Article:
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OpenMEVA: A Benchmark for Evaluating Open-ended Story Generation Metrics
Jian Guan | Zhexin Zhang | Zhuoer Feng | Zitao Liu | Wenbiao Ding | Xiaoxi Mao | Changjie Fan | Minlie Huang
Proceedings of the 59th Annual Meeting of the Association for Computational Linguistics and the 11th International Joint Conference on Natural Language Processing (Volume 1: Long Papers)

Automatic metrics are essential for developing natural language generation (NLG) models, particularly for open-ended language generation tasks such as story generation. However, existing automatic metrics are observed to correlate poorly with human evaluation. The lack of standardized benchmark datasets makes it difficult to fully evaluate the capabilities of a metric and fairly compare different metrics. Therefore, we propose OpenMEVA, a benchmark for evaluating open-ended story generation metrics. OpenMEVA provides a comprehensive test suite to assess the capabilities of metrics, including (a) the correlation with human judgments, (b) the generalization to different model outputs and datasets, (c) the ability to judge story coherence, and (d) the robustness to perturbations. To this end, OpenMEVA includes both manually annotated stories and auto-constructed test examples. We evaluate existing metrics on OpenMEVA and observe that they have poor correlation with human judgments, fail to recognize discourse-level incoherence, and lack inferential knowledge (e.g., causal order between events), the generalization ability and robustness. Our study presents insights for developing NLG models and metrics in further research.

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KuiLeiXi: a Chinese Open-Ended Text Adventure Game
Yadong Xi | Xiaoxi Mao | Le Li | Lei Lin | Yanjiang Chen | Shuhan Yang | Xuhan Chen | Kailun Tao | Zhi Li | Gongzheng Li | Lin Jiang | Siyan Liu | Zeng Zhao | Minlie Huang | Changjie Fan | Zhipeng Hu
Proceedings of the 59th Annual Meeting of the Association for Computational Linguistics and the 11th International Joint Conference on Natural Language Processing: System Demonstrations

There is a long history of research related to automated story generation, dating back as far as the 1970s. Recently, the rapid development of pre-trained language models has spurred great progresses in this field. Equipped with GPT-2 and the latest GPT-3, AI Dungeon has been seen as a famous example of the powerful text generation capabilities of large-scale pre-trained language models, and a possibility for future games. However, as a game, AI Dungeon lacks incentives to players and relies entirely on players to explore on their own. This makes players’ enthusiasm decline rapidly. In this paper, we present an open-ended text adventure game in Chinese, named as KuiLeiXi. In KuiLeiXi, players need to interact with the AI until the pre-determined plot goals are reached. By introducing the plot goals, players have a stronger incentive to explore ways to reach plot goals, while the AI’s abilities are not abused to generate harmful contents. This limited freedom allows this game to be integrated as a part of a romance simulation mobile game, Yu Jian Love. Since KuiLeiXi was launched, it has received a lot of positive feedbacks from more than 100,000 players. A demo video is available at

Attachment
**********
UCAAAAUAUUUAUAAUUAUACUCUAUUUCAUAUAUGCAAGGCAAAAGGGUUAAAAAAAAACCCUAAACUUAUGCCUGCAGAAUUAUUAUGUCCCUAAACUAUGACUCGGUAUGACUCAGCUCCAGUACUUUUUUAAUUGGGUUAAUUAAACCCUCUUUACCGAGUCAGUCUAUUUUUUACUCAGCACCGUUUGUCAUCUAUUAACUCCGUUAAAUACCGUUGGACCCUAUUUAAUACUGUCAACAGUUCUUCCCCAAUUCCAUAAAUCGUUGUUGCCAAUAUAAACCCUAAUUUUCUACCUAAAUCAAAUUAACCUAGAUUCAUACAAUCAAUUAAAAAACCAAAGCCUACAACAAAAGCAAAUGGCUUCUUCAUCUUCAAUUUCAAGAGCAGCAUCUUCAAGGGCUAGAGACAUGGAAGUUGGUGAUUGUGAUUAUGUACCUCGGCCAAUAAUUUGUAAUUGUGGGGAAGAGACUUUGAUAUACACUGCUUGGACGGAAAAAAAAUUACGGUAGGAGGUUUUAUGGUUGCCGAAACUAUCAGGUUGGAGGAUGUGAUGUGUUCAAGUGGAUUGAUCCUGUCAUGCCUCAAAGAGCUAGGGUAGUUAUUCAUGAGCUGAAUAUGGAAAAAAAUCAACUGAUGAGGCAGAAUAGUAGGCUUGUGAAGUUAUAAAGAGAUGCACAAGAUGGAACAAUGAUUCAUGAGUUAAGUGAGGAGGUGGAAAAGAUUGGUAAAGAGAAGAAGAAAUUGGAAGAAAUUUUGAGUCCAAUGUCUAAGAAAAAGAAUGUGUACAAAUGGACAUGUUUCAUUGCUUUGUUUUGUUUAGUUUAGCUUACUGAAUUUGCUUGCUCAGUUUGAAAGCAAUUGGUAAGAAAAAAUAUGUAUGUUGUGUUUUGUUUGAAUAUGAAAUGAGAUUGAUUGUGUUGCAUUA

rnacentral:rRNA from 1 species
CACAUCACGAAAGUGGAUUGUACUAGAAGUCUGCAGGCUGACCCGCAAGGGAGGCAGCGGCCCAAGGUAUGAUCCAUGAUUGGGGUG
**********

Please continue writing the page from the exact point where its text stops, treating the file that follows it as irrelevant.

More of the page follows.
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Youling: an AI-assisted Lyrics Creation System
Rongsheng Zhang | Xiaoxi Mao | Le Li | Lin Jiang | Lin Chen | Zhiwei Hu | Yadong Xi | Changjie Fan | Minlie Huang
Proceedings of the 2020 Conference on Empirical Methods in Natural Language Processing: System Demonstrations

Recently, a variety of neural models have been proposed for lyrics generation. However, most previous work completes the generation process in a single pass with little human intervention. We believe that lyrics creation is a creative process with human intelligence centered. AI should play a role as an assistant in the lyrics creation process, where human interactions are crucial for high-quality creation. This paper demonstrates Youling, an AI-assisted lyrics creation system, designed to collaborate with music creators. In the lyrics generation process, Youling supports traditional one pass full-text generation mode as well as an interactive generation mode, which allows users to select the satisfactory sentences from generated candidates conditioned on preceding context. The system also provides a revision module which enables users to revise undesired sentences or words of lyrics repeatedly. Besides, Youling allows users to use multifaceted attributes to control the content and format of generated lyrics. The demo video of the system is available at